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Unfinished Desires: A Novel (Random House Reader's Circle) Paperback – July 27, 2010
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From Publishers Weekly
Copyright © Reed Business Information, a division of Reed Elsevier Inc. All rights reserved. --This text refers to an out of print or unavailable edition of this title.
"This rich world…draws and holds the reader from the first to the final pages of the work. " —Denver Post
"Tender but clear-eyed …Godwin’s South has always been a place where charm and good manners can barely conceal the emotional drama pulsing beneath the surface…Recalls the fraught family bonds of Godwin’s best novels…"—San Francisco Chronicle
"Godwin’s reserved yet powerful new novel is set in a boarding school in the mountains of North Carolina…Though it’s a beautiful well-intentioned institution, the school is anything but serene…."—New York Times Book Review
"If you plan on reading just one great novel in 2010, this might be it… a big old-fashioned book about jealousy and passion at a Catholic girl’s school, written with Gail Godwin’s trademark depth and humor…."—Bookpage
"Godwin’s writing is … marvelous, engaging, clever." —Christian Science Monitor
"Poignant and transporting…convincing, satisfying."—Publishers Weekly
"Intoxicating… Godwin’s latest novel charms."—Asheville Citizen-Times
"Masterly."—Dallas Morning News
“A strong story populated by a host of memorable characters–smart, satisfying fiction, one of the author’s best in years.”—Kirkus Reviews starred review,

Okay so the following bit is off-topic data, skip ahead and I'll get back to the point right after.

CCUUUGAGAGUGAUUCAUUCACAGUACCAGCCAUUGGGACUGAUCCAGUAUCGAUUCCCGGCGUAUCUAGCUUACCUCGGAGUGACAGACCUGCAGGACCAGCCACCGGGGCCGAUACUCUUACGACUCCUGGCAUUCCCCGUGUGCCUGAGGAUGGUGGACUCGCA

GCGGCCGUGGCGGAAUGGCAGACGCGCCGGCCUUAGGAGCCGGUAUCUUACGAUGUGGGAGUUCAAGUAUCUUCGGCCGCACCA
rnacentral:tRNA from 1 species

"If you plan on reading just one great novel in 2010, this might be it. Unfinished Desires is a big old-fashioned book about jealousy and passion at a Catholic girl’s school, written with best-selling author Gail Godwin’s trademark depth and humor … Godwin’s 13th novel is filled with penetrating observations on women’s friendships, family and faith … The wise, human story she tells reaches beyond the boundaries of region and religion, satisfying any reader looking for a good story."—Bookpage
"What better setting for exploring female bonds than a Southern Catholic girls’ school where epic feuds and forgiveness pass through generations? Godwin’s take is smart and intriguing." —Good Housekeeping
"Ten Titles to Watch For: This seasoned author revisits familiar territory. Fascinating, always."—O: The Oprah Magazine
From the Hardcover edition.
Top Customer Reviews
The central narrative is the school year of 1951-52 at a Catholic boarding school, Mount St. Gabriel's, in the Appalachian mountains of North Carolina. Mother "Suzanne" Ravenel, age 85, is reaching back and writing her memoir in 2001 of her time as a student and then headmistress of the now defunct school. She is plagued by events that occurred that one year, especially after her freshman girls staged the annual spring play and brought buried secrets into the performance. She feels stuck and unable to write about that time. Memories--how they are interpreted and relived and revived by the people who remember them--that is the primary theme that this intricate web and convoluted story is built upon.Read more ›
I did, however, like it that Godwin constantly switches her time frame over an eight-decade span. The container, set in 2001, is the taped narrative of Mother Ravenel, recalling her years as headmistress of the school, Mount St. Gabriel's in North Carolina, in the middle years of the century. Most of the detail comes from 1951-52, which the headmistress refers to as the "toxic year," when a particular combination of high-school freshmen triggered a chain of events that resulted in scandal and expulsions. There are also memories of the school in the thirties, when Suzanne Ravenel herself was a student, and her relationship with several of the mothers of the 1951 crop may well have sown the seeds for later discord. The last few chapters suddenly plunge into 2007 and 2008, covering fifty years of lives led in the outside world; these are a relief from the glacial pace of non-events in the main narrative, but they come too late.